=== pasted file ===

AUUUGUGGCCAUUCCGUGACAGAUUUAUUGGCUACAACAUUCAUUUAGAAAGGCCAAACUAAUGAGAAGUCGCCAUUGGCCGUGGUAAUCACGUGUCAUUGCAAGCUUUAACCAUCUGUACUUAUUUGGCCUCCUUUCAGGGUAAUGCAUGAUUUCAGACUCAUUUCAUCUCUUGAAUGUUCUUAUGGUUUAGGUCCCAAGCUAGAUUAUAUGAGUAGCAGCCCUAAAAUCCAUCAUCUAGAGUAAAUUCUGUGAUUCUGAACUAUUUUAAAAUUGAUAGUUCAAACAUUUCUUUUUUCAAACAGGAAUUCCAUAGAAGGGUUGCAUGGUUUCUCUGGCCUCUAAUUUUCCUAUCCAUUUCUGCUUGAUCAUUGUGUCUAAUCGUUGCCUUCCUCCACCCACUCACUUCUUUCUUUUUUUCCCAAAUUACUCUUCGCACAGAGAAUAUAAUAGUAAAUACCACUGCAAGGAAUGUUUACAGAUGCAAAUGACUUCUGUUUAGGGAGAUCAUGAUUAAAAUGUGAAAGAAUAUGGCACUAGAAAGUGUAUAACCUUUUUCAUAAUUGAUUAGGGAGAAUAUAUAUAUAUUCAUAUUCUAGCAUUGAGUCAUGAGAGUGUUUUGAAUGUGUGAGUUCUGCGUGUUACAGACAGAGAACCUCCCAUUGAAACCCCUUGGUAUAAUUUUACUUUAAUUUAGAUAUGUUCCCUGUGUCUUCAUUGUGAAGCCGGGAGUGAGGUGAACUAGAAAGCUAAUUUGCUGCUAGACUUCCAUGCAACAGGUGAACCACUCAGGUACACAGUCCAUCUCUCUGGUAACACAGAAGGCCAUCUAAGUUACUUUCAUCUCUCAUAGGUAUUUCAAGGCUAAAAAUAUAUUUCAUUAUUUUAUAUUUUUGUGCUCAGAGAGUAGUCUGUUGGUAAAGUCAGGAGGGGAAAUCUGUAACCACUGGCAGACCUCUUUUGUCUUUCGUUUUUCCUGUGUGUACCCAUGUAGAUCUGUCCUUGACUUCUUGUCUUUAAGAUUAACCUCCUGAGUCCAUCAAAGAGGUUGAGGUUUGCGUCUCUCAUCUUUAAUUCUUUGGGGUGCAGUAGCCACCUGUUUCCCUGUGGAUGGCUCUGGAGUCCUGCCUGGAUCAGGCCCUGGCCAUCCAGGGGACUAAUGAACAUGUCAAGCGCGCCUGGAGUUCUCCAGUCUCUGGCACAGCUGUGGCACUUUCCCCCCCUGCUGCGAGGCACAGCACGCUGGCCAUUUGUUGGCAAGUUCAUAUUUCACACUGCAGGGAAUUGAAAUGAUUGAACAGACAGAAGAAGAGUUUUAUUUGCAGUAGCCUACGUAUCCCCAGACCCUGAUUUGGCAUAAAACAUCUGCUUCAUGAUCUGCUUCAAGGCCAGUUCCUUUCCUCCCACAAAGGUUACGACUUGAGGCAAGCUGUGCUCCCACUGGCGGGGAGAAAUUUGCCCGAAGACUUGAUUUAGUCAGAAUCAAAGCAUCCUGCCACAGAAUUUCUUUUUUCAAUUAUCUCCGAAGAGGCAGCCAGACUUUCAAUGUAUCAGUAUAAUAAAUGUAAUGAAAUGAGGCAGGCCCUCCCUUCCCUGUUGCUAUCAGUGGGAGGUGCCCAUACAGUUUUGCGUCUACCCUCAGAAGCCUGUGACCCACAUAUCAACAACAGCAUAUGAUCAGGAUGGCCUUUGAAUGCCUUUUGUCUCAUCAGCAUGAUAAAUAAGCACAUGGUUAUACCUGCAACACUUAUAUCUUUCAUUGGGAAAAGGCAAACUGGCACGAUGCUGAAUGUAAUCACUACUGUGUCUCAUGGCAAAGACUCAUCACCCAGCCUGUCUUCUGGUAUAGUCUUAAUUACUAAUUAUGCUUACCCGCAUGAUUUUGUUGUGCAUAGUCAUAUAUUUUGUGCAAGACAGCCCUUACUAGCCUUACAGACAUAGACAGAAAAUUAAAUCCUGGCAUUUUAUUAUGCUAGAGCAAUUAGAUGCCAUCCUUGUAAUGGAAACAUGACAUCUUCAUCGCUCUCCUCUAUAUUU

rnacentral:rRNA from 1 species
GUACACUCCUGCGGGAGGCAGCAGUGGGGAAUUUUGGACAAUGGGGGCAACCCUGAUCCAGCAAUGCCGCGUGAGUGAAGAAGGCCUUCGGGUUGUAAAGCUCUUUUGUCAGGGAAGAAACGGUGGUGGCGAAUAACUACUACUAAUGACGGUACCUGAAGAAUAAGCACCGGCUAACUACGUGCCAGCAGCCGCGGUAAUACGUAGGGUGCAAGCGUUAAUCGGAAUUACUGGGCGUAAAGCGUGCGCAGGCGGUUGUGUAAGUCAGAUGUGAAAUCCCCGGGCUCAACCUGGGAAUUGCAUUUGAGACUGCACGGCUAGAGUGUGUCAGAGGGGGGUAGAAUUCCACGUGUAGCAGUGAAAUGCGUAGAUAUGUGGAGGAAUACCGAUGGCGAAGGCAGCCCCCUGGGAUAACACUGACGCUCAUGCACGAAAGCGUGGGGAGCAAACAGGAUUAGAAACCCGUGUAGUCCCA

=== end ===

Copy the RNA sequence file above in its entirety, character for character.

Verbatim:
AUUUGUGGCCAUUCCGUGACAGAUUUAUUGGCUACAACAUUCAUUUAGAAAGGCCAAACUAAUGAGAAGUCGCCAUUGGCCGUGGUAAUCACGUGUCAUUGCAAGCUUUAACCAUCUGUACUUAUUUGGCCUCCUUUCAGGGUAAUGCAUGAUUUCAGACUCAUUUCAUCUCUUGAAUGUUCUUAUGGUUUAGGUCCCAAGCUAGAUUAUAUGAGUAGCAGCCCUAAAAUCCAUCAUCUAGAGUAAAUUCUGUGAUUCUGAACUAUUUUAAAAUUGAUAGUUCAAACAUUUCUUUUUUCAAACAGGAAUUCCAUAGAAGGGUUGCAUGGUUUCUCUGGCCUCUAAUUUUCCUAUCCAUUUCUGCUUGAUCAUUGUGUCUAAUCGUUGCCUUCCUCCACCCACUCACUUCUUUCUUUUUUUCCCAAAUUACUCUUCGCACAGAGAAUAUAAUAGUAAAUACCACUGCAAGGAAUGUUUACAGAUGCAAAUGACUUCUGUUUAGGGAGAUCAUGAUUAAAAUGUGAAAGAAUAUGGCACUAGAAAGUGUAUAACCUUUUUCAUAAUUGAUUAGGGAGAAUAUAUAUAUAUUCAUAUUCUAGCAUUGAGUCAUGAGAGUGUUUUGAAUGUGUGAGUUCUGCGUGUUACAGACAGAGAACCUCCCAUUGAAACCCCUUGGUAUAAUUUUACUUUAAUUUAGAUAUGUUCCCUGUGUCUUCAUUGUGAAGCCGGGAGUGAGGUGAACUAGAAAGCUAAUUUGCUGCUAGACUUCCAUGCAACAGGUGAACCACUCAGGUACACAGUCCAUCUCUCUGGUAACACAGAAGGCCAUCUAAGUUACUUUCAUCUCUCAUAGGUAUUUCAAGGCUAAAAAUAUAUUUCAUUAUUUUAUAUUUUUGUGCUCAGAGAGUAGUCUGUUGGUAAAGUCAGGAGGGGAAAUCUGUAACCACUGGCAGACCUCUUUUGUCUUUCGUUUUUCCUGUGUGUACCCAUGUAGAUCUGUCCUUGACUUCUUGUCUUUAAGAUUAACCUCCUGAGUCCAUCAAAGAGGUUGAGGUUUGCGUCUCUCAUCUUUAAUUCUUUGGGGUGCAGUAGCCACCUGUUUCCCUGUGGAUGGCUCUGGAGUCCUGCCUGGAUCAGGCCCUGGCCAUCCAGGGGACUAAUGAACAUGUCAAGCGCGCCUGGAGUUCUCCAGUCUCUGGCACAGCUGUGGCACUUUCCCCCCCUGCUGCGAGGCACAGCACGCUGGCCAUUUGUUGGCAAGUUCAUAUUUCACACUGCAGGGAAUUGAAAUGAUUGAACAGACAGAAGAAGAGUUUUAUUUGCAGUAGCCUACGUAUCCCCAGACCCUGAUUUGGCAUAAAACAUCUGCUUCAUGAUCUGCUUCAAGGCCAGUUCCUUUCCUCCCACAAAGGUUACGACUUGAGGCAAGCUGUGCUCCCACUGGCGGGGAGAAAUUUGCCCGAAGACUUGAUUUAGUCAGAAUCAAAGCAUCCUGCCACAGAAUUUCUUUUUUCAAUUAUCUCCGAAGAGGCAGCCAGACUUUCAAUGUAUCAGUAUAAUAAAUGUAAUGAAAUGAGGCAGGCCCUCCCUUCCCUGUUGCUAUCAGUGGGAGGUGCCCAUACAGUUUUGCGUCUACCCUCAGAAGCCUGUGACCCACAUAUCAACAACAGCAUAUGAUCAGGAUGGCCUUUGAAUGCCUUUUGUCUCAUCAGCAUGAUAAAUAAGCACAUGGUUAUACCUGCAACACUUAUAUCUUUCAUUGGGAAAAGGCAAACUGGCACGAUGCUGAAUGUAAUCACUACUGUGUCUCAUGGCAAAGACUCAUCACCCAGCCUGUCUUCUGGUAUAGUCUUAAUUACUAAUUAUGCUUACCCGCAUGAUUUUGUUGUGCAUAGUCAUAUAUUUUGUGCAAGACAGCCCUUACUAGCCUUACAGACAUAGACAGAAAAUUAAAUCCUGGCAUUUUAUUAUGCUAGAGCAAUUAGAUGCCAUCCUUGUAAUGGAAACAUGACAUCUUCAUCGCUCUCCUCUAUAUUU

rnacentral:rRNA from 1 species
GUACACUCCUGCGGGAGGCAGCAGUGGGGAAUUUUGGACAAUGGGGGCAACCCUGAUCCAGCAAUGCCGCGUGAGUGAAGAAGGCCUUCGGGUUGUAAAGCUCUUUUGUCAGGGAAGAAACGGUGGUGGCGAAUAACUACUACUAAUGACGGUACCUGAAGAAUAAGCACCGGCUAACUACGUGCCAGCAGCCGCGGUAAUACGUAGGGUGCAAGCGUUAAUCGGAAUUACUGGGCGUAAAGCGUGCGCAGGCGGUUGUGUAAGUCAGAUGUGAAAUCCCCGGGCUCAACCUGGGAAUUGCAUUUGAGACUGCACGGCUAGAGUGUGUCAGAGGGGGGUAGAAUUCCACGUGUAGCAGUGAAAUGCGUAGAUAUGUGGAGGAAUACCGAUGGCGAAGGCAGCCCCCUGGGAUAACACUGACGCUCAUGCACGAAAGCGUGGGGAGCAAACAGGAUUAGAAACCCGUGUAGUCCCA